“Uh...I guess?” Susi replied, taking a sip of her tea. “I was into this book on some reindeer fables when….well….” She then paused, and the other ewe could guess why.
“....Then, nothing?” Sally asked with a raised eyebrow, hoping to move things along. “Er, after?
“...Mostly just re-reading some old books on plants these days.” Susi added as she took another sip. “It keeps me from thinking about it...”
“Ye into farming?” Bunny asked with interest. “Pa said he ain’t seen any sheep reading on plants in ta village.”
“My great grandpa got them from somewhere.” Susi replied, at least comfortable with this topic. “He’s kinda how I got most of my books.”
“Was he a farmer, then?” Bunny continued.
“No idea.” Susi answered, shaking her head. “I never even met him.” She sighed. “Dad said he wandered off and never came back then...well...”
“Woah, did your dad go looking for him or something?” Sally asked. To her, this sounded like an adventure. When Susi didn’t answer, she began to lose that sudden intrigue. “Uh…”
After a pause she spoke up. “...I... I don’t know.” Susi answered with a sad look. “My grandpa Rowan and mom would argue about some of his books, then he stormed off” Her eyes were now on the table. “Then… mom went looking for him and never came back.”
“Oh….” Sally said, with a nervous look. “Yikes…
“Poor dear...” Bunny added.
It was quiet for a moment. Sally felt like she had made a mess of things, meanwhile Bunny wondered how they might move to something less depressing. Though the first sound that broke the silence was a whine from Jack.
“Yeah…” Susi said as she turned to him, putting her hoof on his head. “I know. I’m not the only one who’s been miserable over this.”
“Uh, was ye dog from yer dad?” Bunny asked cautiously. “Ol’ Chester came from around where pa used to live.”
“No idea.” Susi replied without turning away from Jack. “I never really asked. Jack was around when I was a foal. And he’s all I have after dad passed.”
“Least that somethn.” Bunny added. “Ye are ah good dog, Jack?” She asked, and he barked in affirmation. “Ta’s good ta know.”
“So, uh, what are sheep from up north like, Bunny?” Sally asked, changing the conversation to avoid any further eggshells. “Is it cool up there?”
“Cold mostly.” Bunny replied, giving some humor to Sally. “Also they ain’t got a prime minister or voting nither.”
“That sounds awesome!” Sally said with excitement. “Sign me up.”
“Pa had to bury a brother an’ sister back there.” Bunny added, causing Sally to wince. “Pa said tis not easy around there.”
“Yikes.” Sally said, wide eyed. “With stuff like that, I’m surprised those sheep don’t go crazy.”
“Well, there were fellers I heard would just dig out a home underground.” Bunny said with a chuckle. “I’d imagine ye’d wonder why some hill’s got a chimney on it out there.”
For the first time, Susi had a brief laugh. “That does sound like quite a sight.” She said, now joining the conversation. “How many sheep live out there?”
“Pa said not as many in Baaaaah.” Bunny answered. “Might be forty tops.”
“Woah, with the numbers Baaaaa has, we may as well be the rabbits if that’s how things are up there…” Sally added with a silly look. Bunny laughed a bit.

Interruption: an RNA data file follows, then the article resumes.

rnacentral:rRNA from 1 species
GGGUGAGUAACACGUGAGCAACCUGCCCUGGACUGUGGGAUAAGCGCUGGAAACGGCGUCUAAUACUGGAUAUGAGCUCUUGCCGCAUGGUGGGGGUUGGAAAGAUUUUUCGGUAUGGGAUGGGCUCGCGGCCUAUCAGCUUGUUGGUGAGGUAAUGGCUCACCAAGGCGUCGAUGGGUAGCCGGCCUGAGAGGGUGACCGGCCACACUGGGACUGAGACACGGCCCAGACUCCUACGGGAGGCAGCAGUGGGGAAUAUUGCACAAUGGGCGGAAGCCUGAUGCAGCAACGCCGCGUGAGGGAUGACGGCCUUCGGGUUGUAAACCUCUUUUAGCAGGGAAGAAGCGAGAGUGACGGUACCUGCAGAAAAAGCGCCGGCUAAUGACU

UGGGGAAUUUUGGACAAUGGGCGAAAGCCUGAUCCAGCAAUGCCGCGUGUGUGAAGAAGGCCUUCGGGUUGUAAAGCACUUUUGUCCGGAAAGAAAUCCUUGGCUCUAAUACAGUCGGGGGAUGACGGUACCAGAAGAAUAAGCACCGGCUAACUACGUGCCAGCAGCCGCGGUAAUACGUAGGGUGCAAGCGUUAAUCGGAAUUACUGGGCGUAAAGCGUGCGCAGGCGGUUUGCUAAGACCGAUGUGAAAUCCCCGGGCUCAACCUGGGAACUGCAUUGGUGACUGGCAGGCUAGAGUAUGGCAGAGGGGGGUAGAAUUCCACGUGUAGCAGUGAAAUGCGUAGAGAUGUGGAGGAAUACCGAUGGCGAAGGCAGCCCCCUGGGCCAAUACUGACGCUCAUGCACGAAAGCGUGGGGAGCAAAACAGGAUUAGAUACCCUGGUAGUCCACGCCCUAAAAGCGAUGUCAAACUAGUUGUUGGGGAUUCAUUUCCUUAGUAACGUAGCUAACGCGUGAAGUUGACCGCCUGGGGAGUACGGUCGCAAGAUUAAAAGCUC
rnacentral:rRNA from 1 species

“Eh, pa figures ta village’s got better grazing then oop there.” She said. “Ma even had to explain to him how ta summer works round these parts.” Bunny had another giggle. “Figure tha’s around ta time she told him to start shearing. Otherwise he’d keep gett’n too sweaty.”
“Yet he still keeps that bit of wool around his head…” Sally added. “Why is that?”
“Aye, says his chin don’t feel right without a bit more fluff there.” Bunny replied. “Not like it hides ta teeth though.”
“Which is why he still has that nickname, I guess?” Susi asked, to which Bunny nodded.
They took a break then at Bunny’s insistence. The tea was going to get cold after all. Susi was at least impressed with Bunny’s pikelets. Though, having not eaten in hours, anything made from bread was going to taste good. The warm tea even had a hint of Lavandula to it.
“This home cooking is pretty good.” Sally said after swallowing. “Might not match up with some of the stuff in town, but it’s good.”
“An’ what do they got in town?” Bunny asked.
“Well, honey bread for one.” Sally replied. “With the coins dad’s been raking in with those windmills, he’s got enough for honey and the sheep to make bread for him.”
“That why they call em “Lord” Cedric then?” Bunny said.
“Yep.” Sally said with a chuckle. “He might have a big house and stuff, but he’s still stuck with the prime minister second guessing him on everything.”
“Second guessing?” Susi asked. “He put things to the commons?”
“Well, ya know…” Sally replied with a bit of a chortle. “The “court” kinda keeps voting on the same thing, then changing its mind in the vote an hour later.” She said with a shrug. “Besides, between the windmills and trade, he’s not exactly ambitious from much else. Baaaaah’s not like Huoshan where you can find some cool looking stuff made from silk, and silver, and jade….” Her eyes then lit up, recalling one other thing. “Oh, yeah, he’s got his own library of books too.”
“Oh!” Susi exclaimed with some surprise. “What does he read about other than snakes?”
“Mostly reports and letters.” Sally said with a laugh. “I think he just collects them.”
“He ain’t even read em?” Bunny asked, wide eyed. “Why’s he get them then?”
“Maybe he thought they looked nice?” Sally said with another shrug, then taking a sip of tea. “Still, he’s even ordered some from as far as the Woodlands.”